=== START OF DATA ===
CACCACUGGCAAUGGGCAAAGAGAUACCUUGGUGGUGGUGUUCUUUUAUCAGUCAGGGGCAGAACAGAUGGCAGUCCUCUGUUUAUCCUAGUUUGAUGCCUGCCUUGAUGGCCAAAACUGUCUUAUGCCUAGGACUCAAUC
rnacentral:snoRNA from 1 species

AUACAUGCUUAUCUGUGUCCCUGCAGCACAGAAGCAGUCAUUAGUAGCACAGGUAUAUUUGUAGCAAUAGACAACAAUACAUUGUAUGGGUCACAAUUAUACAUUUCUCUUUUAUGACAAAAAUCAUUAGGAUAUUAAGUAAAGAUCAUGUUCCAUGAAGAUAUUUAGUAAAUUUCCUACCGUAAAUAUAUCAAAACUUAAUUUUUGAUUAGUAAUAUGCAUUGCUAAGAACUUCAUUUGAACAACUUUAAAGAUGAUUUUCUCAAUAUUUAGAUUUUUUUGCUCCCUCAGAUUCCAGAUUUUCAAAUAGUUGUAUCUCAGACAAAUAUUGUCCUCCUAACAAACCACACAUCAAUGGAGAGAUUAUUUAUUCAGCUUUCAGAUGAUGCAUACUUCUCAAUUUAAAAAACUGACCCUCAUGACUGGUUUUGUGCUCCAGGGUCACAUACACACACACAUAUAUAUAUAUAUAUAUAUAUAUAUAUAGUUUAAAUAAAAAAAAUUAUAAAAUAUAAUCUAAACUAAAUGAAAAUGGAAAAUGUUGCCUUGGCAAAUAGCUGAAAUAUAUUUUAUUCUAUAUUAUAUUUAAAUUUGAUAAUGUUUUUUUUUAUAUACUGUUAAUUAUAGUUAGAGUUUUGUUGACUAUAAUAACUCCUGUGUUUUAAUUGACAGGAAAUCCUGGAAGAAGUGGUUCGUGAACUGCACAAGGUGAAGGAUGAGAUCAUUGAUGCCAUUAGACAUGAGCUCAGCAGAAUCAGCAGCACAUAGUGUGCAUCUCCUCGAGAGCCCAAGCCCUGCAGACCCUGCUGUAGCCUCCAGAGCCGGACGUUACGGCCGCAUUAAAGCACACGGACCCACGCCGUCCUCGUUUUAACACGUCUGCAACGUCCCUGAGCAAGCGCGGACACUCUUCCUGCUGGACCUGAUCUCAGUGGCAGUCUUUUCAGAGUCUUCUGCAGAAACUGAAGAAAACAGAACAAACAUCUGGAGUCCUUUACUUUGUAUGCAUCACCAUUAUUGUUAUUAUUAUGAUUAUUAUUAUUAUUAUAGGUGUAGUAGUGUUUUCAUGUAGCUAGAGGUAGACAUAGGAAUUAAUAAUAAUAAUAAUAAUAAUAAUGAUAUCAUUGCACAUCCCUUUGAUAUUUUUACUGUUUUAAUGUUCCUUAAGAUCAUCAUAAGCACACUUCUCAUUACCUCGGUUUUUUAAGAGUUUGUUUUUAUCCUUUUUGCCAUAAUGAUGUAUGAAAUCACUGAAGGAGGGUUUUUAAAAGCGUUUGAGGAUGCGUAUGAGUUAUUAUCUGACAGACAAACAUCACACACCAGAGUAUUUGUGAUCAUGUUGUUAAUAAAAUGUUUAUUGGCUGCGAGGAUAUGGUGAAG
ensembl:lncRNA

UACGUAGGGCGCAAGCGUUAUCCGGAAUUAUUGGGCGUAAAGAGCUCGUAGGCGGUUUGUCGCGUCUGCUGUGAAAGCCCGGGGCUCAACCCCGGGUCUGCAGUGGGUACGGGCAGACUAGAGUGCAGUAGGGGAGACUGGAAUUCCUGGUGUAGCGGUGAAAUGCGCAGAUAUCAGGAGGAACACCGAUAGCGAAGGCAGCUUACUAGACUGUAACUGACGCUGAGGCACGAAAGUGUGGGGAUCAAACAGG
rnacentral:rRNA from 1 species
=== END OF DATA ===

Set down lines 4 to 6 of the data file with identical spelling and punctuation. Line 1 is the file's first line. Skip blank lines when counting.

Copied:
ensembl:lncRNA

UACGUAGGGCGCAAGCGUUAUCCGGAAUUAUUGGGCGUAAAGAGCUCGUAGGCGGUUUGUCGCGUCUGCUGUGAAAGCCCGGGGCUCAACCCCGGGUCUGCAGUGGGUACGGGCAGACUAGAGUGCAGUAGGGGAGACUGGAAUUCCUGGUGUAGCGGUGAAAUGCGCAGAUAUCAGGAGGAACACCGAUAGCGAAGGCAGCUUACUAGACUGUAACUGACGCUGAGGCACGAAAGUGUGGGGAUCAAACAGG
rnacentral:rRNA from 1 species